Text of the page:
Wednesday, November 02, 2011

The Real Chamoy

Every time an unsuspecting tourist lands on this fair island, we take them to eat soup dumplings at Joe's Shanghai and then walk them around the tea stores, Chinese pharmacies, and weird foodstuffs purveyors of the cabinet of wonders that is Chinatown.
I like to go into candy store Aji Ichiban because they have free samples of candied and preserved fruits, which I gobble right after I've had a sumptuous Chinese meal and my gut is about to explode, like that guy's in The Meaning of Life.
So I'm there, speaking in Spanish, explaining that in Mexico we have something similar called chamoy, and the employees brighten up at the name and point me to two samples of preserved plums: the real Chinese chamoy, one version sweet, and the other sweet and salty.

Original Chinese Chamoy
I was ecstatic to confirm that indeed, there is something in China called chamoy and some enterprising Chinese person must have decided that Mexicans had to have it too. Another theory could be that Mexican tourists came by Aji Ichiban, screamed chamoy, and the employees just decided to go along. I subscribe to the first theory because I was told by the employees at Aji Ichiban that the word chamoy only describes preserved plums and no other fruit. They sounded authoritative. 
Now, I love Mexican chamoy faithfully, as any true Mexican should, but I have to say that our version is chazerai* compared to the Chinese one. I'm not talking about powdered Chamoy, which I think would make Chairman Mao spin in his grave, and which Mexicans are starting to put on everything, but about the dried plums. In Mexico, the dried plums are super salty and tart, and they are actually apricots. There are red apricots in red brine that make your soul pucker, and give you instant high blood pressure, they are so salty and acid. Mexicans add chili powder to chamoy, making it sweet, salty, acid and spicy. We all know it's the best kind of junk candy there is.

Mexican powdered Chamoy, now in several artificial flavors.
Mexicans love chamoy, although our chamoy is as authentic as our Philadelphia sushi rolls with lox and cream cheese. In fact, chamoy has kind of had a renaissance, as there are chamoy stores at malls where you can have a chamoyada (shaved fruit flavored ice with chamoy), or chamoy covered popsicles, or bars where martinis, micheladas or margaritas are garnished with chamoy. The original brand was always Miguelito but now everybody and their mother has a version of chamoy. Chamoy has exploded. On Google I found images of something called a Rosca de Chamoy, like a chamoy Bundt cake. I can't even fathom what it's made with.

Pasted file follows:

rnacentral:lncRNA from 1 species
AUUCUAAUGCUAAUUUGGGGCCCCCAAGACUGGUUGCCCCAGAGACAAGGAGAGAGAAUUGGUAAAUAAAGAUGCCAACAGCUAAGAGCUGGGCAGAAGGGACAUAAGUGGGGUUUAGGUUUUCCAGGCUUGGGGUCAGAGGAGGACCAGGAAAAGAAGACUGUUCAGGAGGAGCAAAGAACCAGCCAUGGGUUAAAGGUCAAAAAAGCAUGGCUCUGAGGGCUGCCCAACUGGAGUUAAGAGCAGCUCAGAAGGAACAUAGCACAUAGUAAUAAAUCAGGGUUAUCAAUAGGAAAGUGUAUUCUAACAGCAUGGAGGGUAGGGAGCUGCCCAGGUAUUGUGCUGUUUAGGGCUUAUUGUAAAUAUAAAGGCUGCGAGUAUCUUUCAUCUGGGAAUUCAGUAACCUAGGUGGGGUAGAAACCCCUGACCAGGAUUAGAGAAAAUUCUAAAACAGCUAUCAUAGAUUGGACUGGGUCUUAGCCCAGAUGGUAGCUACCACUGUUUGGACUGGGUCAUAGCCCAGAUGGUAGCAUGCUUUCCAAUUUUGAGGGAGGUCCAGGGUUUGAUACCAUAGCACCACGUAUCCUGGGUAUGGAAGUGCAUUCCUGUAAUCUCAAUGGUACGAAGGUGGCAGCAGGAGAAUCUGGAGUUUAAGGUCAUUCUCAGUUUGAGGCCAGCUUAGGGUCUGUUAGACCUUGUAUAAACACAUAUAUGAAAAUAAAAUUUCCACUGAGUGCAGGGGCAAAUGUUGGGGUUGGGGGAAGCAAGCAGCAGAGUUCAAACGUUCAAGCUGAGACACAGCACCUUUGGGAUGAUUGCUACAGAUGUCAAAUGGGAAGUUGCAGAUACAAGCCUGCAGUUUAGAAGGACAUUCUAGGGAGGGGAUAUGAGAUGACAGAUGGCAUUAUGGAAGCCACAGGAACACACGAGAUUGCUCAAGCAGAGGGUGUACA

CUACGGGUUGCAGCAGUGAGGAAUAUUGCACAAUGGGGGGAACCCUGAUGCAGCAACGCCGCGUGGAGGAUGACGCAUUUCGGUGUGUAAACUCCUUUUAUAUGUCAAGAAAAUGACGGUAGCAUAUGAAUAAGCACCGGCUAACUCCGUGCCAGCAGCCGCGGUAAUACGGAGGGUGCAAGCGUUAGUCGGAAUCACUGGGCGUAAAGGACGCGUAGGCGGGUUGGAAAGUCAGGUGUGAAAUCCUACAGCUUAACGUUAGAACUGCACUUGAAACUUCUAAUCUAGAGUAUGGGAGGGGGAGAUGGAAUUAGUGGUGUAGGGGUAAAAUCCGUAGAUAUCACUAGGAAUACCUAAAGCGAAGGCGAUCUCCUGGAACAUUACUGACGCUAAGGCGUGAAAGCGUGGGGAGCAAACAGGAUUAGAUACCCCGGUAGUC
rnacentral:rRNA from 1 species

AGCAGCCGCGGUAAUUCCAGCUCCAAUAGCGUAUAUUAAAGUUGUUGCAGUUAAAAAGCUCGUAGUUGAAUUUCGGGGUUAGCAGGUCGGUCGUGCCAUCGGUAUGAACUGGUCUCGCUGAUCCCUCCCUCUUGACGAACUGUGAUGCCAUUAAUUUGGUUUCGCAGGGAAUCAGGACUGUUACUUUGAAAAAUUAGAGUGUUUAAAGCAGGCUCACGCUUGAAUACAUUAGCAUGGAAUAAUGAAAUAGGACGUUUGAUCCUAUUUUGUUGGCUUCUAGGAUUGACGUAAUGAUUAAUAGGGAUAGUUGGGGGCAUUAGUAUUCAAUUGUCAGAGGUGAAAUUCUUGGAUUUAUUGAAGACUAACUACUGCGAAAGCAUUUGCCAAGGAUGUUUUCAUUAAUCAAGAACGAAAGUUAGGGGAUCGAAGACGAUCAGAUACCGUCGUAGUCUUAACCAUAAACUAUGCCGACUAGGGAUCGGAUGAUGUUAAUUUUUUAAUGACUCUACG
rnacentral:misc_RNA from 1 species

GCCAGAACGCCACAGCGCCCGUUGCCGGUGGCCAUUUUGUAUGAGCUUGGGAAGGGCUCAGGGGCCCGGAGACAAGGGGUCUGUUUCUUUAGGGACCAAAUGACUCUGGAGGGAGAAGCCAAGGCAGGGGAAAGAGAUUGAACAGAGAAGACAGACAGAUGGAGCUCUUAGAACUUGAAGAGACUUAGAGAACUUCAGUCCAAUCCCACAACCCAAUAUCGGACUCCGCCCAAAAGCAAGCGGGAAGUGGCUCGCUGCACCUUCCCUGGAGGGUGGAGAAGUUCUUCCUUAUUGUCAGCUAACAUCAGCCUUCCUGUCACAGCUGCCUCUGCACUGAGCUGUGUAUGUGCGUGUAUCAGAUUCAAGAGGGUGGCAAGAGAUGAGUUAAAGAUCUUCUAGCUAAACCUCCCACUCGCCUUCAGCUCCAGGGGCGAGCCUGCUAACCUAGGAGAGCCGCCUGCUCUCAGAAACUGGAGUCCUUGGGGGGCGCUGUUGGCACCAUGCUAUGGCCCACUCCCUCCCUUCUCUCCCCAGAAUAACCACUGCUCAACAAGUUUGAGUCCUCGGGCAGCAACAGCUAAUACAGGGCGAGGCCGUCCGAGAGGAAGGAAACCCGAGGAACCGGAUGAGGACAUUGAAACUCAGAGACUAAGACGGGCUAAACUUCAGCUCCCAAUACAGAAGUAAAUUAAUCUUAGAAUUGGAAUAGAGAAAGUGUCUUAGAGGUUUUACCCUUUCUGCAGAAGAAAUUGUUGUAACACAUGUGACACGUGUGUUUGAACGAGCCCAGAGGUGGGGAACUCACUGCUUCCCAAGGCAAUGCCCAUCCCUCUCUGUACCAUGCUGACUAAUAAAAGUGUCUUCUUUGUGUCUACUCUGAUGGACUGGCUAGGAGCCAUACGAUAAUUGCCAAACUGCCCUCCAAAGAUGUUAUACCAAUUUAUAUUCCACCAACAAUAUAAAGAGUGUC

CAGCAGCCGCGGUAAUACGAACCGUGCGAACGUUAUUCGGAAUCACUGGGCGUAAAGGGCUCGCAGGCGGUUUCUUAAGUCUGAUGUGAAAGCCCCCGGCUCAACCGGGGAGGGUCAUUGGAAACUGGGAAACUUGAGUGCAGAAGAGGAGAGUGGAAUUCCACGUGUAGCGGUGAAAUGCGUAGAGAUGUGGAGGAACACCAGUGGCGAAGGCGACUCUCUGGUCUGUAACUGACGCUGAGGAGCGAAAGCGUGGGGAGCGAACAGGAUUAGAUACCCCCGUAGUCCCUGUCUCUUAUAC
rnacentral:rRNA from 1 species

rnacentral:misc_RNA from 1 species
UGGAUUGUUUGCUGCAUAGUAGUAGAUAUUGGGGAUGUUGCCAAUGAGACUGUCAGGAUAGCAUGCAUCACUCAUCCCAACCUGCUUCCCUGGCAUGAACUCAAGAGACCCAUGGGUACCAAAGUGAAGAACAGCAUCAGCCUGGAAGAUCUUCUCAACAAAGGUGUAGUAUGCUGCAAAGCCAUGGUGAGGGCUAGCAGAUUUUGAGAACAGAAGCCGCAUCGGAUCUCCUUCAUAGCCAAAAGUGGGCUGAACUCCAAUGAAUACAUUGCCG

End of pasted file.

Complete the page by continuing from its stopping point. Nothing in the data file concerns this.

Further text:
Google image search of chamoy.

Alas, I could not find a picture of the preserved fruit chamoys. I'm afraid they may have disappeared from the Mexican candy repertoire, which would be tragic.
The Japanese have a version of preserved plum paste called umeboshi, which is supposed to be a digestive. I love it too.
And because it is supposed to be a digestive I just gobbled an entire bag of the two Chinese chamoys as I wrote this post.

*horrible junk.


  1. I agree. The chamoy with the red brine is gross. I too have heard of the rosca de chamoy but have no idea what they are talking about. You missed a picture of the chamochelas - I wonder how the Chinese would feel about those? They are delicious!

  2. Hold on a sec, Super Babe! I like the evil chamoy in red brine, but you had to be there in childhood. What in God's name is a chamochela?
    Greetings from NYC!

  3. Anonymous6:38 PM

    My all-time favorite Mexican candy was (sadly--was) a flat paleta with a salted plum in the center and hard tamarindo candy looped in a double ring around it. A lick of that and heaven sang. It's been 20 years since I've seen one. *sigh*

  4. Mexico: What was the name of that thing? Never came across it but it sounds like a Chamoyish diabolical invention. Consider yourself lucky to have tasted it.

  5. Anonymous7:02 PM

    I unfortunately don't remember the name of that paleta, I last bought one a long time ago. But oh, it was divine, even more divine than the plastic spoon filled with cajeta that I also often bought in those way-back long-ago days.